I’m not saying that we get everything perfect or even uniform, but what you see in our work with young writers is a dedication to finding the beauty that is the essential core of the work. Working to make it look right on the page and giving the reader something that they can hold in their hand and see is a treasure.
At a conference recently I was on a panel and several of us who were small press publishers were putting our thoughts out and the consensus was that the reason everyone loved doing this was the joy that came from working with the authors. Then, unexpectedly, for some reason, without consideration, the truth for me just blurted out, “the authors are okay, but my love affair is with the words.”
Everyone in the audience frowned. But it’s true, it’s not the authors that I love, I don’t really care about them except as a source for the words. No matter how wonderful you are, if you can’t make your words move me, or excite me, or inflame me, or scare me, or write something that grabs me emotionally and viscerally to command my attention, there’s nothing I can do for you.
I love the words. I work with their placement on the page, I change spacing in a sentence, I edge something, or cut a word or alter a sequence to enhance the impact of what the author is trying to say, to get the best possible look of words on page, that’s what I love. I work with the authors to make the change, but I love the words.
I don’t love ebooks so much, kind of funny from a guy who used to own IsoLibris, an ebook company, but I don’t. They are crude, and have not been done well historically. Those things are changing, but with flowable text, the art is difficult. We are just starting to move to ebooks again, so I do have hope.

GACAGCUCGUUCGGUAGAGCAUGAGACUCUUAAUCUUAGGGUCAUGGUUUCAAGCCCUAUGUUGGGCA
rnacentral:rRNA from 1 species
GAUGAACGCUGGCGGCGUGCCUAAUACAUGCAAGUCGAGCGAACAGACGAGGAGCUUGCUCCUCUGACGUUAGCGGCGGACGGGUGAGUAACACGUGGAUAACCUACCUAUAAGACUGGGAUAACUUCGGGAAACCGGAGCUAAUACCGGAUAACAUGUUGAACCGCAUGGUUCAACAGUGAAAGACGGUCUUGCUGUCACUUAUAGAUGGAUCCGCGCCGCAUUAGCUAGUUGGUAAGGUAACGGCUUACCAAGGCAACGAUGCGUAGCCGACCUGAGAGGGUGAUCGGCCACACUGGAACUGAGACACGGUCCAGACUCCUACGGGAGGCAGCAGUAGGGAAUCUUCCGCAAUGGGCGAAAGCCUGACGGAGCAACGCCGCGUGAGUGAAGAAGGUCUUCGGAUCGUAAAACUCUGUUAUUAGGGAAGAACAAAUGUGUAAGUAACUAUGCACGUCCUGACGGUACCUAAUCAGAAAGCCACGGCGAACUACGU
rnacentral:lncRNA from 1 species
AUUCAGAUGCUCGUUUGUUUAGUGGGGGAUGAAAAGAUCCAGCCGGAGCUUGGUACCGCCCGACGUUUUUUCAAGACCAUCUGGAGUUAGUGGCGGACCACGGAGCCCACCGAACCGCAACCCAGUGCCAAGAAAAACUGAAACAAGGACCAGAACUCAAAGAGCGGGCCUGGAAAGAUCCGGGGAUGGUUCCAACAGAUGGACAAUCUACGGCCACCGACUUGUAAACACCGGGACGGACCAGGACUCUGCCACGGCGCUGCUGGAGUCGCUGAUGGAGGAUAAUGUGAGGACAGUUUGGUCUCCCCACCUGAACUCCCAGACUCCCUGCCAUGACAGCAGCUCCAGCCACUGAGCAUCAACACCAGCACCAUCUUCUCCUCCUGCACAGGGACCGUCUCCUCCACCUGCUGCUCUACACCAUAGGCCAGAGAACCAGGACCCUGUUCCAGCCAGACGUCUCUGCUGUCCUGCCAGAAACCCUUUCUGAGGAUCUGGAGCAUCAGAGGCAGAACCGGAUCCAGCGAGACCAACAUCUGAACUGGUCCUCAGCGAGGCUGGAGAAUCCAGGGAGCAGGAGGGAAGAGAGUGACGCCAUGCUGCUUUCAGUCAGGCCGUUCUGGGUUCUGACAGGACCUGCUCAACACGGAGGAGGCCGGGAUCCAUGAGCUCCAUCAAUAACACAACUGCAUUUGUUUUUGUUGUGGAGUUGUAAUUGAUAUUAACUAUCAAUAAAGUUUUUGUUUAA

The big presses get it, they really do.
They understand the value of the small presses and respect what it is that they are doing. So much so, that there has been a spate of boutique presses coming out of the major publishers themselves. Amy Einhorn had great success with her eponymous press putting out books like The Help, and the Secret of Magic. Amy has moved on but she showed the value of what a concerted vision can accomplish. I’ve talked to Lee Boudreaux who recently left Little, Brown to start Lee Boudreaux Books with Hachette and know that she sees the same thing. Even famed author Pat Conroy has enjoyed success with his Story River Books imprint at USC Press.
So is this the “Golden Age” of the small press? Certainly from a monetary standpoint the future looks sustainable, otherwise why would the major presses bother at all? But more importantly, small presses are doing things that excite me, and that’s why I do this in the first place.
It’s frustrating, it steals time from my own writing, and it seems like the overarching goal for the immediate future is always survival. There is the constant battle in finding a distribution and a production cycle that allows books to be sold at the same discounts to booksellers the largest houses can give, but I keep doing it because after I’ve beaten my head against a thousand walls, fought to bring a spark in the writing into an ember, and see it flare reaching its own flame, I get to hold it up against the dark, offer it to the world, and say…hey, read this!
Russell Scott Anderson, M.D., is a radiation oncologist who serves as the medical director of Anderson Cancer Center in Meridian, Miss. He is a former Navy diver who worked in operations in the Middle East, Central America, and in support of the Navy’s EOD community, SEALS, the U.S. Army’s Green Berets, the Secret Service, and the New York Police Department at various times during his time in the service.
The father of seven has written the family oriented literary columns Una Voce and The Uncommon Thread in the Journal of the Mississippi State Medical Association. He has also served the Journal as the chairman of the editorial advisory board. A collection of his columns was published as The Uncommon Thread in 2012. He has also written as screenwriter R.S. Anderson on several feature films, he is the author of the novels Timedonors Wanted and The Hard Times under the pseudonym Russell Scott, and is the editor of the literary journal China Grove.